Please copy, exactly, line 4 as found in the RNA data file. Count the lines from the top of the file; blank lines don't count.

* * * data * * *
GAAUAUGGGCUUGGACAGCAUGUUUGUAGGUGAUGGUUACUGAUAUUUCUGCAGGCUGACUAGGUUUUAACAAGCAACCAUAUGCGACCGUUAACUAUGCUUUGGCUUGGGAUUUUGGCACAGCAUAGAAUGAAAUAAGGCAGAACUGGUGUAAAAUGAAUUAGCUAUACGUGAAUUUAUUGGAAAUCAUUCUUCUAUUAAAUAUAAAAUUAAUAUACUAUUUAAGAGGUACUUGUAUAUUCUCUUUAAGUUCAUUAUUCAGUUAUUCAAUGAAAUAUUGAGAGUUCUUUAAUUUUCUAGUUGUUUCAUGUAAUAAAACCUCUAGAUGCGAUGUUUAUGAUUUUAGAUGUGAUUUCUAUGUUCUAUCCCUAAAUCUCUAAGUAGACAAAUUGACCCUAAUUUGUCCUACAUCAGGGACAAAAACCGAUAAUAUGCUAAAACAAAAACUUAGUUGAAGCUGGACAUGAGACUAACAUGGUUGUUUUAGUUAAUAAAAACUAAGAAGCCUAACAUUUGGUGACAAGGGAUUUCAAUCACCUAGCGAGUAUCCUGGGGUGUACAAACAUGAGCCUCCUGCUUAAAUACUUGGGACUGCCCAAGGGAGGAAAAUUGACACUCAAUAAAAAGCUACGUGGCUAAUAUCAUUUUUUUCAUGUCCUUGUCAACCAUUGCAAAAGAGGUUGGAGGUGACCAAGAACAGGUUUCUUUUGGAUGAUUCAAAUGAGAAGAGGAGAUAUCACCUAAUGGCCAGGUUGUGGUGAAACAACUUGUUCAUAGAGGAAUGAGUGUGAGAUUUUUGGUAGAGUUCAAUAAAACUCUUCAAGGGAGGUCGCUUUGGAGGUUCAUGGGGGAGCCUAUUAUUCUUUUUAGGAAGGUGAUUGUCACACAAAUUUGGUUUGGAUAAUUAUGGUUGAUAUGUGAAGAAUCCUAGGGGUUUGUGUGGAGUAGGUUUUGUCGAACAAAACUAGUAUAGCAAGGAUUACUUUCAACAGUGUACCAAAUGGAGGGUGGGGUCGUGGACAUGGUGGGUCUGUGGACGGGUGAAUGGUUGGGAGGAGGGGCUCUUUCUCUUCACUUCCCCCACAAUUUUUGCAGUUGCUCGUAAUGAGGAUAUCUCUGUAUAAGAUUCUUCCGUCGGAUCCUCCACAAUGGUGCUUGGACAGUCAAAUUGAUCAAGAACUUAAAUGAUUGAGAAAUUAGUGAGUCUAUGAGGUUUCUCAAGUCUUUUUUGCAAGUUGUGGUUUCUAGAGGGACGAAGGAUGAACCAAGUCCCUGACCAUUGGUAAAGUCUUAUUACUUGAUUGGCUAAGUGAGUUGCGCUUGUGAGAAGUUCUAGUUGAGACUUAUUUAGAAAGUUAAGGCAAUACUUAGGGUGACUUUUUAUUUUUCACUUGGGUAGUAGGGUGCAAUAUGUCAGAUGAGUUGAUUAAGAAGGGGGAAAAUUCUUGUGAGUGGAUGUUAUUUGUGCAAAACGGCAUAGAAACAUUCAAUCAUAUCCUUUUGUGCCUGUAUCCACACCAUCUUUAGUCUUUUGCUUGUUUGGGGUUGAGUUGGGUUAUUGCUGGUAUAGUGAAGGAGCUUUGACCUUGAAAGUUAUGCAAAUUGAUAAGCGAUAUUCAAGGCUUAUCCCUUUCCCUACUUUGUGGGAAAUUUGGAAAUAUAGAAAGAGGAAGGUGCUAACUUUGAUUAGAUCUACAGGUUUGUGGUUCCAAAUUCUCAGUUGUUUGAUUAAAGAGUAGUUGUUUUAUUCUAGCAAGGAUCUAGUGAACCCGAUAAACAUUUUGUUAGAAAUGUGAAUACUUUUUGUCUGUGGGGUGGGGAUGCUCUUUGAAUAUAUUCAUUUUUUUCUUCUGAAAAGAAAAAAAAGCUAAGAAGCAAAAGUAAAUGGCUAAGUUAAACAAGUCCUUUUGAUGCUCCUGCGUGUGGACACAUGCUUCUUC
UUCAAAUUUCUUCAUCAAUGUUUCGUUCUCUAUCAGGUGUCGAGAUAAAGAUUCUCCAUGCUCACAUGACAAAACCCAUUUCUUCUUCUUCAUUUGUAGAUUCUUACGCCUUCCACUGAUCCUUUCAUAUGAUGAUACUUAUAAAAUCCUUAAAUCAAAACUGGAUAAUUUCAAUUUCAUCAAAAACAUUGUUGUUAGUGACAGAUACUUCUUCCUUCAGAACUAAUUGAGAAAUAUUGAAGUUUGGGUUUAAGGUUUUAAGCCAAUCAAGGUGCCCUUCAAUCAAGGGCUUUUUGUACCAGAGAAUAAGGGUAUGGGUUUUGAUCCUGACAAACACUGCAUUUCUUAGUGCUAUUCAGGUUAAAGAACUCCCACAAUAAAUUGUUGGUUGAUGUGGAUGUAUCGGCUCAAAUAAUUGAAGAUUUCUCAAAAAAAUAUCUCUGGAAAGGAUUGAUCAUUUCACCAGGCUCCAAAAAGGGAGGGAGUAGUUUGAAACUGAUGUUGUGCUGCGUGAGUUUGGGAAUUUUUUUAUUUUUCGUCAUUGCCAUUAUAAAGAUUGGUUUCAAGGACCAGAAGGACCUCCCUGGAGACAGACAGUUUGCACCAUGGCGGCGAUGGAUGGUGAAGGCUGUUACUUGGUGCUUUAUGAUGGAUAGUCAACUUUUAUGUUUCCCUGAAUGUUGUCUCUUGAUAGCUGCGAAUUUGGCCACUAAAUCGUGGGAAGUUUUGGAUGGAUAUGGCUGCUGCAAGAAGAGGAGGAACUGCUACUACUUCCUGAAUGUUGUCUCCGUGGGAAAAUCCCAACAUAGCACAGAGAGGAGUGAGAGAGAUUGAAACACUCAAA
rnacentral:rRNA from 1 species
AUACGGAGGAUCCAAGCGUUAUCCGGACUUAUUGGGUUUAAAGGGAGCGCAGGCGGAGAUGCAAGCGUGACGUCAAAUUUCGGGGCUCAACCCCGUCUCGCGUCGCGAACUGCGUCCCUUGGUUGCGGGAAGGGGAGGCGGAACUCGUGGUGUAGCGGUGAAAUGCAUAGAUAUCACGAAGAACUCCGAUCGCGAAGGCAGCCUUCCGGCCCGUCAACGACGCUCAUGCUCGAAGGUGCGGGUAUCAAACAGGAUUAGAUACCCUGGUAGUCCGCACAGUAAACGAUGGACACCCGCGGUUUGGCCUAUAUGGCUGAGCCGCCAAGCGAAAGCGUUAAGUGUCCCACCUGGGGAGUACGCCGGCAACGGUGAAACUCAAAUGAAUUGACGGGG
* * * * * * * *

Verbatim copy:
AUACGGAGGAUCCAAGCGUUAUCCGGACUUAUUGGGUUUAAAGGGAGCGCAGGCGGAGAUGCAAGCGUGACGUCAAAUUUCGGGGCUCAACCCCGUCUCGCGUCGCGAACUGCGUCCCUUGGUUGCGGGAAGGGGAGGCGGAACUCGUGGUGUAGCGGUGAAAUGCAUAGAUAUCACGAAGAACUCCGAUCGCGAAGGCAGCCUUCCGGCCCGUCAACGACGCUCAUGCUCGAAGGUGCGGGUAUCAAACAGGAUUAGAUACCCUGGUAGUCCGCACAGUAAACGAUGGACACCCGCGGUUUGGCCUAUAUGGCUGAGCCGCCAAGCGAAAGCGUUAAGUGUCCCACCUGGGGAGUACGCCGGCAACGGUGAAACUCAAAUGAAUUGACGGGG